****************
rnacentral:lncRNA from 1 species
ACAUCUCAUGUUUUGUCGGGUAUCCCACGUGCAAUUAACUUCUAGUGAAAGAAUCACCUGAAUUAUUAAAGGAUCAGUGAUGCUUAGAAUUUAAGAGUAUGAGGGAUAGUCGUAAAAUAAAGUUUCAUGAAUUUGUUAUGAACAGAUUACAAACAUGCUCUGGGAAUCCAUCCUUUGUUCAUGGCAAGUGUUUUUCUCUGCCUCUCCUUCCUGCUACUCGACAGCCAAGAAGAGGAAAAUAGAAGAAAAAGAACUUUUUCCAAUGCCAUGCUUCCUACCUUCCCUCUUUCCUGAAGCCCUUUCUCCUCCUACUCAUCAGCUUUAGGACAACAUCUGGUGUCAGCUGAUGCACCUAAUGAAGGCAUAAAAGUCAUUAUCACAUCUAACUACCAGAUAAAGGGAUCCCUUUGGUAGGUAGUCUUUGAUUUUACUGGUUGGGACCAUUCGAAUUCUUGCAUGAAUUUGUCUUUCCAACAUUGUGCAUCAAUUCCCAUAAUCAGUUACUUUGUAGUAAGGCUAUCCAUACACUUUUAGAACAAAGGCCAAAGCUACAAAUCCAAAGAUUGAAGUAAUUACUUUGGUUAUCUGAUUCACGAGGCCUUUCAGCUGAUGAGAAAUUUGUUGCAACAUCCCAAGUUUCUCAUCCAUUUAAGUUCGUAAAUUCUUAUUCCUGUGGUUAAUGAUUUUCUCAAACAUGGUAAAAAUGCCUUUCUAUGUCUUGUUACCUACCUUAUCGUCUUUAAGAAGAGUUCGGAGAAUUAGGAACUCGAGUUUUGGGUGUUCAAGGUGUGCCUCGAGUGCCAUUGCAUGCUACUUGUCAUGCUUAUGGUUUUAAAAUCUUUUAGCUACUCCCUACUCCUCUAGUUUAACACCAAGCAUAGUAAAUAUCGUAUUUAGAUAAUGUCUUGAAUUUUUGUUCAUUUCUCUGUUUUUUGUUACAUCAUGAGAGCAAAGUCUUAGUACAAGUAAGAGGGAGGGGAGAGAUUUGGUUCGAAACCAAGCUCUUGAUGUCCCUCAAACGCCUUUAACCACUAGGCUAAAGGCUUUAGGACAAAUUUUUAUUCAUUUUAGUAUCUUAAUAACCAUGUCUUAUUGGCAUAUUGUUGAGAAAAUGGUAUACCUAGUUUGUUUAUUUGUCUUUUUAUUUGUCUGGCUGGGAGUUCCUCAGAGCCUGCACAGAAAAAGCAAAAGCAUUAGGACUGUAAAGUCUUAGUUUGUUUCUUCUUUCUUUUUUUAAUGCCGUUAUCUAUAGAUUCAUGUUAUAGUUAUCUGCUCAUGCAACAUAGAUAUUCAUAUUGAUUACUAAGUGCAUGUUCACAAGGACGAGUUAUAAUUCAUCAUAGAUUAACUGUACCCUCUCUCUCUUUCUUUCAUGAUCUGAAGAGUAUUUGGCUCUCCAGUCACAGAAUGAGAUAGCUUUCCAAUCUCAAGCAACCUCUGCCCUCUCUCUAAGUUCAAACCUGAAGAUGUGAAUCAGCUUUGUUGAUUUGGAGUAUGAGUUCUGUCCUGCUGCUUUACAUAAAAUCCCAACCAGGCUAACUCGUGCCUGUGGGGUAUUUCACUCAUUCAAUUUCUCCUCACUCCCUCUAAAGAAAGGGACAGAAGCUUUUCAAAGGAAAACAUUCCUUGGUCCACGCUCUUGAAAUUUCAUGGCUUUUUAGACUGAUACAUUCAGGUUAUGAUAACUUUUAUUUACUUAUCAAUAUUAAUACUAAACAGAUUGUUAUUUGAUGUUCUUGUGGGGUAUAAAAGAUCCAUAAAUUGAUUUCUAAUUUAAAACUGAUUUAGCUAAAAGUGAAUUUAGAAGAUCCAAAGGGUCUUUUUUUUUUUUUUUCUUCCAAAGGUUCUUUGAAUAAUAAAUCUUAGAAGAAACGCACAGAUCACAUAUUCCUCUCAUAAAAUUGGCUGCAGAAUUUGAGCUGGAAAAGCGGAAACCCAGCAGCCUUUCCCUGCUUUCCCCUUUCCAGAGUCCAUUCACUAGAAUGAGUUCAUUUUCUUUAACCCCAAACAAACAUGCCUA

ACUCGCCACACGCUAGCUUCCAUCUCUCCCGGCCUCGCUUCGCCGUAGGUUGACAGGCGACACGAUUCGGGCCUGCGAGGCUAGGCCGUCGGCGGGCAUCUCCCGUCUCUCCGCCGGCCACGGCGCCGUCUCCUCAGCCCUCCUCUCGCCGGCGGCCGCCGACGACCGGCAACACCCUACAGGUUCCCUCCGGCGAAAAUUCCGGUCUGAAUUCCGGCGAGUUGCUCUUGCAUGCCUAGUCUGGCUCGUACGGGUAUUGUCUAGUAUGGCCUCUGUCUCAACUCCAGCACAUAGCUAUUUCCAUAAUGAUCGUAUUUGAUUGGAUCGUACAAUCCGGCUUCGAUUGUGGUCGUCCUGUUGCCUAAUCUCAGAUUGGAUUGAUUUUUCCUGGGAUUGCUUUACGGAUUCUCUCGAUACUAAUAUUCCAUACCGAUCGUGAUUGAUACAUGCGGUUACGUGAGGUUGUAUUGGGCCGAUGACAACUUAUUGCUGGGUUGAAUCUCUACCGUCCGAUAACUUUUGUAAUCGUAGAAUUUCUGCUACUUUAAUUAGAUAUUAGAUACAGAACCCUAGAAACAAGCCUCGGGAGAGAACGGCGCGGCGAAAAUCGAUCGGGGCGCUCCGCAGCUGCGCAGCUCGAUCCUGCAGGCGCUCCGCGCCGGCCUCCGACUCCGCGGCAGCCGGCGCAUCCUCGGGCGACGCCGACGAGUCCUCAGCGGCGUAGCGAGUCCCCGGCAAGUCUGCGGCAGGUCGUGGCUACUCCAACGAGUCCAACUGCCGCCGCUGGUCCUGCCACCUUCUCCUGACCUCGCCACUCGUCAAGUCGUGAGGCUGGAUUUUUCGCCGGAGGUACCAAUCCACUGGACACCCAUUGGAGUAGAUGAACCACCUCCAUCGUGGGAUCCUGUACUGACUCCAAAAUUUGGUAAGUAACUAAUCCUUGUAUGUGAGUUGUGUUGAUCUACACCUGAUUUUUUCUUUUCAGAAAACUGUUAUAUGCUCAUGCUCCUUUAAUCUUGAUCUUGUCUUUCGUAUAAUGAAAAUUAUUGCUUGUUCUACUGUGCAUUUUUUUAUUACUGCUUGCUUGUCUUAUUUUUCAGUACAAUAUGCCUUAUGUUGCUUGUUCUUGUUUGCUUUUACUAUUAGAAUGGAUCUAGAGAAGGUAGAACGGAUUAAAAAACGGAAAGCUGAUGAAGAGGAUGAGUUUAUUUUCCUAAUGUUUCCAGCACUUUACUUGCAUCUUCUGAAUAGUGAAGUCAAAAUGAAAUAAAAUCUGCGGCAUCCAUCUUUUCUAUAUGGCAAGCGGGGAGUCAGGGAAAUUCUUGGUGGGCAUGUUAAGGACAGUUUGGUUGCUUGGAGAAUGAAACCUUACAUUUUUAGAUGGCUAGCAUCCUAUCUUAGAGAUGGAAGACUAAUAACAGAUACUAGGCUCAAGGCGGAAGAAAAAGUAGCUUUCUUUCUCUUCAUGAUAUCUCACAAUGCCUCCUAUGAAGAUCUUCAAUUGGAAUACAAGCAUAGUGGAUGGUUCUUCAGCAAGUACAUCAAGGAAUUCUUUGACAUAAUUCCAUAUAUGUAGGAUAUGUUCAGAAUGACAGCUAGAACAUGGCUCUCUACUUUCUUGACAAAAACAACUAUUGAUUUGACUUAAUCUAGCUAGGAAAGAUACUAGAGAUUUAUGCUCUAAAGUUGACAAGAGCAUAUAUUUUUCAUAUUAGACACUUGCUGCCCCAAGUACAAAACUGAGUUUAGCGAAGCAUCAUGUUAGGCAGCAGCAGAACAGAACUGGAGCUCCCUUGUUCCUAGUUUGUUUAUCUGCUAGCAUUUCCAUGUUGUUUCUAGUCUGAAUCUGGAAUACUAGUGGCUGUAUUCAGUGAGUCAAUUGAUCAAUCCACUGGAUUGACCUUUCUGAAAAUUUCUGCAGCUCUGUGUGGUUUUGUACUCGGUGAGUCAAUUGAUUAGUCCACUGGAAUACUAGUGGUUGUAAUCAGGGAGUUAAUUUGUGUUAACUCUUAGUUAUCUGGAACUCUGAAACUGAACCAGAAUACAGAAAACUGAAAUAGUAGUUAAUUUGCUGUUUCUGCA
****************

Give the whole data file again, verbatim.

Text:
rnacentral:lncRNA from 1 species
ACAUCUCAUGUUUUGUCGGGUAUCCCACGUGCAAUUAACUUCUAGUGAAAGAAUCACCUGAAUUAUUAAAGGAUCAGUGAUGCUUAGAAUUUAAGAGUAUGAGGGAUAGUCGUAAAAUAAAGUUUCAUGAAUUUGUUAUGAACAGAUUACAAACAUGCUCUGGGAAUCCAUCCUUUGUUCAUGGCAAGUGUUUUUCUCUGCCUCUCCUUCCUGCUACUCGACAGCCAAGAAGAGGAAAAUAGAAGAAAAAGAACUUUUUCCAAUGCCAUGCUUCCUACCUUCCCUCUUUCCUGAAGCCCUUUCUCCUCCUACUCAUCAGCUUUAGGACAACAUCUGGUGUCAGCUGAUGCACCUAAUGAAGGCAUAAAAGUCAUUAUCACAUCUAACUACCAGAUAAAGGGAUCCCUUUGGUAGGUAGUCUUUGAUUUUACUGGUUGGGACCAUUCGAAUUCUUGCAUGAAUUUGUCUUUCCAACAUUGUGCAUCAAUUCCCAUAAUCAGUUACUUUGUAGUAAGGCUAUCCAUACACUUUUAGAACAAAGGCCAAAGCUACAAAUCCAAAGAUUGAAGUAAUUACUUUGGUUAUCUGAUUCACGAGGCCUUUCAGCUGAUGAGAAAUUUGUUGCAACAUCCCAAGUUUCUCAUCCAUUUAAGUUCGUAAAUUCUUAUUCCUGUGGUUAAUGAUUUUCUCAAACAUGGUAAAAAUGCCUUUCUAUGUCUUGUUACCUACCUUAUCGUCUUUAAGAAGAGUUCGGAGAAUUAGGAACUCGAGUUUUGGGUGUUCAAGGUGUGCCUCGAGUGCCAUUGCAUGCUACUUGUCAUGCUUAUGGUUUUAAAAUCUUUUAGCUACUCCCUACUCCUCUAGUUUAACACCAAGCAUAGUAAAUAUCGUAUUUAGAUAAUGUCUUGAAUUUUUGUUCAUUUCUCUGUUUUUUGUUACAUCAUGAGAGCAAAGUCUUAGUACAAGUAAGAGGGAGGGGAGAGAUUUGGUUCGAAACCAAGCUCUUGAUGUCCCUCAAACGCCUUUAACCACUAGGCUAAAGGCUUUAGGACAAAUUUUUAUUCAUUUUAGUAUCUUAAUAACCAUGUCUUAUUGGCAUAUUGUUGAGAAAAUGGUAUACCUAGUUUGUUUAUUUGUCUUUUUAUUUGUCUGGCUGGGAGUUCCUCAGAGCCUGCACAGAAAAAGCAAAAGCAUUAGGACUGUAAAGUCUUAGUUUGUUUCUUCUUUCUUUUUUUAAUGCCGUUAUCUAUAGAUUCAUGUUAUAGUUAUCUGCUCAUGCAACAUAGAUAUUCAUAUUGAUUACUAAGUGCAUGUUCACAAGGACGAGUUAUAAUUCAUCAUAGAUUAACUGUACCCUCUCUCUCUUUCUUUCAUGAUCUGAAGAGUAUUUGGCUCUCCAGUCACAGAAUGAGAUAGCUUUCCAAUCUCAAGCAACCUCUGCCCUCUCUCUAAGUUCAAACCUGAAGAUGUGAAUCAGCUUUGUUGAUUUGGAGUAUGAGUUCUGUCCUGCUGCUUUACAUAAAAUCCCAACCAGGCUAACUCGUGCCUGUGGGGUAUUUCACUCAUUCAAUUUCUCCUCACUCCCUCUAAAGAAAGGGACAGAAGCUUUUCAAAGGAAAACAUUCCUUGGUCCACGCUCUUGAAAUUUCAUGGCUUUUUAGACUGAUACAUUCAGGUUAUGAUAACUUUUAUUUACUUAUCAAUAUUAAUACUAAACAGAUUGUUAUUUGAUGUUCUUGUGGGGUAUAAAAGAUCCAUAAAUUGAUUUCUAAUUUAAAACUGAUUUAGCUAAAAGUGAAUUUAGAAGAUCCAAAGGGUCUUUUUUUUUUUUUUUCUUCCAAAGGUUCUUUGAAUAAUAAAUCUUAGAAGAAACGCACAGAUCACAUAUUCCUCUCAUAAAAUUGGCUGCAGAAUUUGAGCUGGAAAAGCGGAAACCCAGCAGCCUUUCCCUGCUUUCCCCUUUCCAGAGUCCAUUCACUAGAAUGAGUUCAUUUUCUUUAACCCCAAACAAACAUGCCUA

ACUCGCCACACGCUAGCUUCCAUCUCUCCCGGCCUCGCUUCGCCGUAGGUUGACAGGCGACACGAUUCGGGCCUGCGAGGCUAGGCCGUCGGCGGGCAUCUCCCGUCUCUCCGCCGGCCACGGCGCCGUCUCCUCAGCCCUCCUCUCGCCGGCGGCCGCCGACGACCGGCAACACCCUACAGGUUCCCUCCGGCGAAAAUUCCGGUCUGAAUUCCGGCGAGUUGCUCUUGCAUGCCUAGUCUGGCUCGUACGGGUAUUGUCUAGUAUGGCCUCUGUCUCAACUCCAGCACAUAGCUAUUUCCAUAAUGAUCGUAUUUGAUUGGAUCGUACAAUCCGGCUUCGAUUGUGGUCGUCCUGUUGCCUAAUCUCAGAUUGGAUUGAUUUUUCCUGGGAUUGCUUUACGGAUUCUCUCGAUACUAAUAUUCCAUACCGAUCGUGAUUGAUACAUGCGGUUACGUGAGGUUGUAUUGGGCCGAUGACAACUUAUUGCUGGGUUGAAUCUCUACCGUCCGAUAACUUUUGUAAUCGUAGAAUUUCUGCUACUUUAAUUAGAUAUUAGAUACAGAACCCUAGAAACAAGCCUCGGGAGAGAACGGCGCGGCGAAAAUCGAUCGGGGCGCUCCGCAGCUGCGCAGCUCGAUCCUGCAGGCGCUCCGCGCCGGCCUCCGACUCCGCGGCAGCCGGCGCAUCCUCGGGCGACGCCGACGAGUCCUCAGCGGCGUAGCGAGUCCCCGGCAAGUCUGCGGCAGGUCGUGGCUACUCCAACGAGUCCAACUGCCGCCGCUGGUCCUGCCACCUUCUCCUGACCUCGCCACUCGUCAAGUCGUGAGGCUGGAUUUUUCGCCGGAGGUACCAAUCCACUGGACACCCAUUGGAGUAGAUGAACCACCUCCAUCGUGGGAUCCUGUACUGACUCCAAAAUUUGGUAAGUAACUAAUCCUUGUAUGUGAGUUGUGUUGAUCUACACCUGAUUUUUUCUUUUCAGAAAACUGUUAUAUGCUCAUGCUCCUUUAAUCUUGAUCUUGUCUUUCGUAUAAUGAAAAUUAUUGCUUGUUCUACUGUGCAUUUUUUUAUUACUGCUUGCUUGUCUUAUUUUUCAGUACAAUAUGCCUUAUGUUGCUUGUUCUUGUUUGCUUUUACUAUUAGAAUGGAUCUAGAGAAGGUAGAACGGAUUAAAAAACGGAAAGCUGAUGAAGAGGAUGAGUUUAUUUUCCUAAUGUUUCCAGCACUUUACUUGCAUCUUCUGAAUAGUGAAGUCAAAAUGAAAUAAAAUCUGCGGCAUCCAUCUUUUCUAUAUGGCAAGCGGGGAGUCAGGGAAAUUCUUGGUGGGCAUGUUAAGGACAGUUUGGUUGCUUGGAGAAUGAAACCUUACAUUUUUAGAUGGCUAGCAUCCUAUCUUAGAGAUGGAAGACUAAUAACAGAUACUAGGCUCAAGGCGGAAGAAAAAGUAGCUUUCUUUCUCUUCAUGAUAUCUCACAAUGCCUCCUAUGAAGAUCUUCAAUUGGAAUACAAGCAUAGUGGAUGGUUCUUCAGCAAGUACAUCAAGGAAUUCUUUGACAUAAUUCCAUAUAUGUAGGAUAUGUUCAGAAUGACAGCUAGAACAUGGCUCUCUACUUUCUUGACAAAAACAACUAUUGAUUUGACUUAAUCUAGCUAGGAAAGAUACUAGAGAUUUAUGCUCUAAAGUUGACAAGAGCAUAUAUUUUUCAUAUUAGACACUUGCUGCCCCAAGUACAAAACUGAGUUUAGCGAAGCAUCAUGUUAGGCAGCAGCAGAACAGAACUGGAGCUCCCUUGUUCCUAGUUUGUUUAUCUGCUAGCAUUUCCAUGUUGUUUCUAGUCUGAAUCUGGAAUACUAGUGGCUGUAUUCAGUGAGUCAAUUGAUCAAUCCACUGGAUUGACCUUUCUGAAAAUUUCUGCAGCUCUGUGUGGUUUUGUACUCGGUGAGUCAAUUGAUUAGUCCACUGGAAUACUAGUGGUUGUAAUCAGGGAGUUAAUUUGUGUUAACUCUUAGUUAUCUGGAACUCUGAAACUGAACCAGAAUACAGAAAACUGAAAUAGUAGUUAAUUUGCUGUUUCUGCA